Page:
Potash to pipelines: Africa’s top business stories

STORY: Here are five business stories making headlines in Africa this week.

Kenya’s president hiked the country’s minimum wage by 12% on Sunday (May 1) to help workers cope with a surge in consumer prices, in part driven by the war in Ukraine.

Uhuru Kenyatta said the raise was necessary as the minimum wage had not been reviewed in three years and the cost of living has increased.

Nigeria’s oil minister said on Monday (May 2) that Russia has expressed interest in investing in a Nigeria-Morocco gas pipeline project.

Besides linking the two countries, the over 3,000 mile long pipeline is expected to connect other African countries to Europe.

Power cuts and floods have hampered growth in South Africa’s private sector, with activity expanding at a slower rate in April, a survey showed on Thursday (May 5).

The S&P Global South Africa Purchasing Managers' Index - or PMI - fell to 50.3 in April from 51.4 in March - its lowest in four months.

Data also showed S&P’s clients were increasingly struggling with rising prices.

Also in South Africa - mining companies have resorted to trucking coal to ports to meet a surge in European demand, bypassing the deteriorating rail infrastructure, which they blame for billions of dollars in lost revenue.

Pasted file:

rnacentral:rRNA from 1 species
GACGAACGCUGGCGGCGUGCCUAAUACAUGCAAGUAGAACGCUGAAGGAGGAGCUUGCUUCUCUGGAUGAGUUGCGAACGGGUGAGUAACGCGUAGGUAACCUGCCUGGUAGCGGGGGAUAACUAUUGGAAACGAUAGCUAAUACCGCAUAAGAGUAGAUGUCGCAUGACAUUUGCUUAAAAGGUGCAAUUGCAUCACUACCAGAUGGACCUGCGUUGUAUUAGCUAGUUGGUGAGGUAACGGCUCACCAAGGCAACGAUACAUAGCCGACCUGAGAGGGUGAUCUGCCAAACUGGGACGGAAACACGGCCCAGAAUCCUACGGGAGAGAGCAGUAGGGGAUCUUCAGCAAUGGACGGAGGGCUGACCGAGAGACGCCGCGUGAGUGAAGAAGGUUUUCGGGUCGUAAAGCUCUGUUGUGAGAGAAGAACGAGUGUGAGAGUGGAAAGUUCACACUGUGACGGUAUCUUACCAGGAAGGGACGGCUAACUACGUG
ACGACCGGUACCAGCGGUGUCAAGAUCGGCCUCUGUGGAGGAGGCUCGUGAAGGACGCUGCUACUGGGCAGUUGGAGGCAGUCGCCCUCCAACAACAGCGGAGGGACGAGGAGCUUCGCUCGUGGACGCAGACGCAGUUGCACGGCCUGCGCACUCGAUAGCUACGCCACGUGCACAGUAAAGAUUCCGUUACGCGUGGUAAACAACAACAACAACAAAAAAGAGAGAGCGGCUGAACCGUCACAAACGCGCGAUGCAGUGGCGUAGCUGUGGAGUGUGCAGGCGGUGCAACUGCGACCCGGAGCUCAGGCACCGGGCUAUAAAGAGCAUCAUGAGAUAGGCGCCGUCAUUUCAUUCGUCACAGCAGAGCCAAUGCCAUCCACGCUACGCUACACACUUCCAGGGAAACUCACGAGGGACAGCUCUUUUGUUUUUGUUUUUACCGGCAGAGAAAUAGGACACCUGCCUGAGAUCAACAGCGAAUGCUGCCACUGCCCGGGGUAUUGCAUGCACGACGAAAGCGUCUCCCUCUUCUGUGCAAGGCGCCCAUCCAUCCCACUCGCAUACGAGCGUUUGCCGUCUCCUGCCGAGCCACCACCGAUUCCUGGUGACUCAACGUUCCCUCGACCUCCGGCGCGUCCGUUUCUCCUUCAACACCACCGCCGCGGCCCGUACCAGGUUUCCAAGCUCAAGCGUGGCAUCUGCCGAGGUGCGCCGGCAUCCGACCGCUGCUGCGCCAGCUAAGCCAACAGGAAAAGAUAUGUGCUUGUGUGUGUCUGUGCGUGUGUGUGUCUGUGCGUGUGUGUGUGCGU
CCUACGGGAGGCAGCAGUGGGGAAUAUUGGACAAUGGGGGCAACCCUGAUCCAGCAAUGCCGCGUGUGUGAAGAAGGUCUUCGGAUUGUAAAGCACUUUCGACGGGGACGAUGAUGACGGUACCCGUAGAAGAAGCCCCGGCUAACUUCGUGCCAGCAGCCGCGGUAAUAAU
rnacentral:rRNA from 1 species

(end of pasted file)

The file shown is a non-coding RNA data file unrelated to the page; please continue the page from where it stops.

Trucking coal costs about four times more than rail, according to mining companies. But they say they have no choice.

Poor maintenance, a lack of spare parts for trains, copper cable theft and vandalism have disrupted state logistics firm Transnet's freight rail services, causing coal exports to fall in recent years.

And finally, Nigeria had to buy emergency supplies of Canadian potash after being unable to import the fertilizer from Russia, due to Western sanctions.

Russia's Uralkali, a major global producer of the crop nutrient, has been Nigeria's exclusive supplier since 2019.

Spot prices today are up more than 250% for deliveries to West Africa compared to last year, according to commodities pricing agency Argus Media, dealing a further blow to the country's finances.

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